What is pain?
Pain is a feeling of discomfort. For people with cancer, pain can be caused by the cancer itself, treatments, testing, and non-cancer-related reasons like headaches, and joint or muscle aches.
There are two types of pain:
- Acute pain is temporary and is often caused by some type of injury to the body. For example, pain after surgery is acute pain. As the body heals, the pain will go away.
- Chronic pain, also called persistent pain, is pain that lasts for long periods of time.
No matter what type of pain you have, it is important that the pain is managed so that you can live your life. When not treated, pain can lead to fatigue, worry, and sadness. Proper treatment is needed. If your care provider is unsure of how to treat your pain, you should ask to be referred to a provider who specializes in managing pain.
What is breakthrough pain?
Breakthrough pain (BTP) is a type of pain that can be felt by someone who has chronic pain. It is a sudden flare of pain. This pain "breaks through" the long-acting medication being used to treat moderate to severe persistent (chronic) pain. Even if your chronic pain is well managed with medication, you can still have episodes of BTP.
The Facts About Breakthrough Pain
Most people treated for chronic pain will have breakthrough pain. BTP flares are often caused by the same reason you have chronic pain.
- Pain can change throughout the day. BTP is often hard to predict.
- BTP flares may be caused by a specific movement or function of the body, such as walking or swallowing. They can also happen for no reason at all.
- People may have BTP flares near the time they are due for their next dose of pain medication.
- BTP flares may vary in how long they last and how intense they are.
Treating Breakthrough Pain
Breakthrough pain is different from chronic pain and needs to be treated differently. The best treatment for BTP is often a strong, short-acting opioid medication that works quickly and lasts about as long as a BTP episode. In some cases, treatment of the cancer itself can relieve pain.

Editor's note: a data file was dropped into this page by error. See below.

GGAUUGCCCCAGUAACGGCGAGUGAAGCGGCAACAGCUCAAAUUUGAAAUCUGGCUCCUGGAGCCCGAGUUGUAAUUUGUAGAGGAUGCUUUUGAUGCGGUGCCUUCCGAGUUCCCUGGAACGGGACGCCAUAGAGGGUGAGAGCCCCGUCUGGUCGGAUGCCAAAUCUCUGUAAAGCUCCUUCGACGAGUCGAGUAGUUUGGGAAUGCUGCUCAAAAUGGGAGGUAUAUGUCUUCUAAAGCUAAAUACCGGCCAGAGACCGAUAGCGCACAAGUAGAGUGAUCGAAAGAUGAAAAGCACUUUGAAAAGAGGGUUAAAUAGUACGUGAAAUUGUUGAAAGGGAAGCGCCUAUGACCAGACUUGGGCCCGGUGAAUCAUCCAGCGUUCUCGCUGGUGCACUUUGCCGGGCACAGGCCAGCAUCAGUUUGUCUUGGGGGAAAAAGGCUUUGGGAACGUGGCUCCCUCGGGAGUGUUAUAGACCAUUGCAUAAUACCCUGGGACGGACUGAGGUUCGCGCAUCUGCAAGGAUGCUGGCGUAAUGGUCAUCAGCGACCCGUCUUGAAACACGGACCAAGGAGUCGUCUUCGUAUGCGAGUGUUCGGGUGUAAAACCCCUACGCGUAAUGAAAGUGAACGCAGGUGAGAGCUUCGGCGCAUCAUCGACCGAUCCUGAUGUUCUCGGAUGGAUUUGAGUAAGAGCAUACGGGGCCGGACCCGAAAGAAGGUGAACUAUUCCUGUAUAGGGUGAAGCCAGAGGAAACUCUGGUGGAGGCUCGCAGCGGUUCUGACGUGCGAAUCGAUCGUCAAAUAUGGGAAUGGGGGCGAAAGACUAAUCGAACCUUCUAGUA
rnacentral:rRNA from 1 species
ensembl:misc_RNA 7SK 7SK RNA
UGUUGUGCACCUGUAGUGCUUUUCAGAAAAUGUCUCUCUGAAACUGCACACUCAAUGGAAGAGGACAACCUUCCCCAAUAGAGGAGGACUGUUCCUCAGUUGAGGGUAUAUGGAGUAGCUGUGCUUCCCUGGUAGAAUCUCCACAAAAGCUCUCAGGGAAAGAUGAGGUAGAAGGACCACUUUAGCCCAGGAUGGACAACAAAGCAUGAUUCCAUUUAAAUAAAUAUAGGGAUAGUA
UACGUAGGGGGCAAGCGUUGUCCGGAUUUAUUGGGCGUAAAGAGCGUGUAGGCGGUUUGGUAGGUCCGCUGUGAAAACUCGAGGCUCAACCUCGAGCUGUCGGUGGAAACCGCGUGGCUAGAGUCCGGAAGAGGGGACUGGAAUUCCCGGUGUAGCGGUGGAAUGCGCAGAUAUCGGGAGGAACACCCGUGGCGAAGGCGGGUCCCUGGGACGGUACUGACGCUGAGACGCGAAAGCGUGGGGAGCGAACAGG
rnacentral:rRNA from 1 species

- BTP medication is taken on an as-needed basis. It works best when taken as soon as symptoms start. BTP treatment is prescribed along with long-acting medication that is used to treat chronic pain.
- Prescription pain medications have been developed and approved as breakthrough pain treatment. Some of these medications are fentanyl sublingual tablets, fentanyl buccal tablets, immediate release morphine, and immediate release oxycodone.
- In most cases, it is not helpful to treat BTP by increasing the dose of medication being used to treat chronic pain as this can lead to being over-medicated. It can also increase side effects such as constipation, sedation, and confusion.
- When deciding on treatment options for BTP, your healthcare provider will take into account how well your chronic pain is being managed and how many pain flares you have each day.
Breakthrough pain can affect your daily life and can interrupt your treatment plan. It is important for you to tell your care team about any changes in your pain. It can take time to find a treatment plan that will work best for you, so it is important to start the conversation as soon as your pain symptoms change.
Caraceni A et al. Guidelines for the Management of Breakthrough Pain in Patients with Cancer. Journal of the National Comprehensive Cancer Network. 2013.
National Cancer Institute. Cancer Pain (PDQ®) – Patient Version. 2020.
National Cancer Institute. Pain in People With Cancer. 2018.